That said, this emerging position does raise serious difficulties. For one thing, it seems bizarre to describe intellectual history merely as the study of “people thinking” — as I heard Dan Rodgers describe the field at a recent Cambridge conference that will give rise to a parallel state of the art volume for US intellectual history. (Who doesn’t think?) It seems to me that the emerging generalization of ideas to society has to take place on other terms than just abolishing the border between high and low.

    For another thing, intellectual history exists in our academic culture as the study of books and thinkers, though there are always going to be debates about which books and thinkers are worth studying, let alone canonical. If so, the generalization of the ideational beyond “intellectuals” poses an existential threat to intellectual history — for better or worse.


    • Sam, I’d like to take up a couple of points you make here. I think we can agree that intellectual history can neither be the study of everything thought on any given topic nor can it be the endless parsing of epistemological debates over how we can know what we know about a certain topic. What you seem to suggest, and I like to hear more from you on it, is that intellectual historians seek those points of intersection between ideas developed through privileged books and among privileged intellects and the moments where we can identify some level of popular engagement or promulgation of those ideas. While seeking these points, though, intellectual historians try not to imagine that the only ideas worth studying are those developed by a relatively stable category of thinker and literature. In other words, we need to be aware that those we often privilege were receivers of ideas as well as generators of ideas. It seems to me that we can often see this relationship play out in religion when we contrast theology and faith; or in concepts such as peace, human rights, freedom of expression–all of which can be theorized in minute ways but have reflection in and are a reflection of the lived experience.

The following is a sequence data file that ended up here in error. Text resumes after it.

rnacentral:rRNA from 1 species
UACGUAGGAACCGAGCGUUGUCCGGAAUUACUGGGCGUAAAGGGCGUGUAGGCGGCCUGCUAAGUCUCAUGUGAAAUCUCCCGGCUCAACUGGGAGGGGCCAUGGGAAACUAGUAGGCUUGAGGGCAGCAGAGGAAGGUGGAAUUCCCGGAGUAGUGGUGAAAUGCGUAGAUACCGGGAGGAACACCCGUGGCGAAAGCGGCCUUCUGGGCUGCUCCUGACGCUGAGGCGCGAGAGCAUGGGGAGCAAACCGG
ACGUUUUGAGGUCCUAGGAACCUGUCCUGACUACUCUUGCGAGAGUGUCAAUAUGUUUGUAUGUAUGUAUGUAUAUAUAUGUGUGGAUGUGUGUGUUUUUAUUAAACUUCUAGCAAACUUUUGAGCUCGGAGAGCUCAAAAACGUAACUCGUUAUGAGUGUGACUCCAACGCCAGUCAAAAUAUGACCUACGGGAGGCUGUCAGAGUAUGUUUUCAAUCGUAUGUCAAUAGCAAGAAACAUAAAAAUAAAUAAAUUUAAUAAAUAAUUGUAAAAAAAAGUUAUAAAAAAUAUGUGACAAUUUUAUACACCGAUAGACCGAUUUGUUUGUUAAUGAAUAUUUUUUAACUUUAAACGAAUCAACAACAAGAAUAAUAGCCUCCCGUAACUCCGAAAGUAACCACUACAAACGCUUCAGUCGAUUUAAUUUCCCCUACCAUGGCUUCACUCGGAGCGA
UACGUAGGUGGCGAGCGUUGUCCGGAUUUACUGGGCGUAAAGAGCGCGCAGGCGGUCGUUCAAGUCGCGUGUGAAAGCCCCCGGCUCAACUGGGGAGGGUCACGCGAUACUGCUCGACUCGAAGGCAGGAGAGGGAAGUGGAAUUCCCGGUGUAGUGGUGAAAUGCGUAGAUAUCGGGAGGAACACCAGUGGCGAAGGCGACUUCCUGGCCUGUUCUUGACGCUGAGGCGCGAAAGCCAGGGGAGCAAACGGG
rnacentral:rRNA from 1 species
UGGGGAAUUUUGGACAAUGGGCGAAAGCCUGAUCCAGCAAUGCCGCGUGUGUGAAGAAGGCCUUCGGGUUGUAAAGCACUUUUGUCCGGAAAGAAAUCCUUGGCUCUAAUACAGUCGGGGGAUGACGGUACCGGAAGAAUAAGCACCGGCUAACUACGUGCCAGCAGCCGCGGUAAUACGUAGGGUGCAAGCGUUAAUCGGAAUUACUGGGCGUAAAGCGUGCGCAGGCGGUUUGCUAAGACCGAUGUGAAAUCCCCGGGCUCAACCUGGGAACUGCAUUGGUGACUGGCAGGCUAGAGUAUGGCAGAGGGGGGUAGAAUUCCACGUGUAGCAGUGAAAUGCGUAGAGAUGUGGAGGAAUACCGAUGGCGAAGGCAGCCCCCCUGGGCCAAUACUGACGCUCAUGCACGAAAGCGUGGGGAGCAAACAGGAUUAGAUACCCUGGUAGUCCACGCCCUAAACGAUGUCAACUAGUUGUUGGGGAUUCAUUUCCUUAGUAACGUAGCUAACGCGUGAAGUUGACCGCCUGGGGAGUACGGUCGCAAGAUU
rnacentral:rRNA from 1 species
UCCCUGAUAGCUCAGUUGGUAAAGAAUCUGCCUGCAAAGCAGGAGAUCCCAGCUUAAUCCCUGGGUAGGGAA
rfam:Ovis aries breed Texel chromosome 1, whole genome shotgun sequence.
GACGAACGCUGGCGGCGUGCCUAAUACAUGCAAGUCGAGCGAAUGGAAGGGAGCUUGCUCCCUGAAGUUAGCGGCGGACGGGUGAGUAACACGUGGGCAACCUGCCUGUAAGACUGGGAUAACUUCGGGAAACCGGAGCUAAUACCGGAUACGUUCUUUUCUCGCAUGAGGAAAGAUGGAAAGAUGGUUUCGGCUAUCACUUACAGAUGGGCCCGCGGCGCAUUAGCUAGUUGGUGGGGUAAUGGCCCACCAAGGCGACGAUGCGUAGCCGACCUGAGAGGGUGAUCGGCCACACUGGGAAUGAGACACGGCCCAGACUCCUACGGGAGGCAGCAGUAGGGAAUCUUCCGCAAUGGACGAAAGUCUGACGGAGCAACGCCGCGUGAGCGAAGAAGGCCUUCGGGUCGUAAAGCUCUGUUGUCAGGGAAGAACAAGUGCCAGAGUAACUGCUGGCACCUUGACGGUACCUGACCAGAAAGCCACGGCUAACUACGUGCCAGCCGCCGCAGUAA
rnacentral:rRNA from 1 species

2. (I’m re-posting from the FB page in an effort to loosely recreate that thread):

    Andrew, is there any way to read the interview so that the two statements you highlight – which are the ones that stood out to me too – don’t seem to contradict each other, the former stealing all the power from the latter?

    • As I responded to Ben in our earlier debate (and as I indicated in my introductory remarks): I see what you mean, Ben. I originally had a similar reaction, but decided that the two arguments are only incompatible if you don’t think ideas, even at their most sophisticated, are something everybody can relate to in some fashion.

  3. I was also nonplussed by Lofton’s casual dismissal as “undemocratic” of the scholarship of a whole series of luminaries in the field. (Full disclosure: she specifically named both my undergraduate and my graduate advisors.)

    To me the “tel”l that this represented an pleasant form of 90s-style academic identity politics was her “gentle” parenthetical aside that these were all men. First off, who cares that they’re men (or that they’re all white, which I was surprised that she didn’t mention, since it would have been of a piece)? Who is gently” essentializing whom, here? The “gentler sex”?!

    Second of all, even if we do care, what sort of “gentle” historiographical cherry picking is that? Just focusing on that cohort; is Lofton’s compulsion to play the gender card so strong that it justifies writing Dorothy Ross and Susan Buck-Morss (to name but two) out of the historiography of that generation of intellectual historians? Or, alternately, are we only going to accuse scholars of being undemocratic if they are (white) men? Can’t we save a little powder for Gertrude Himmelfarb?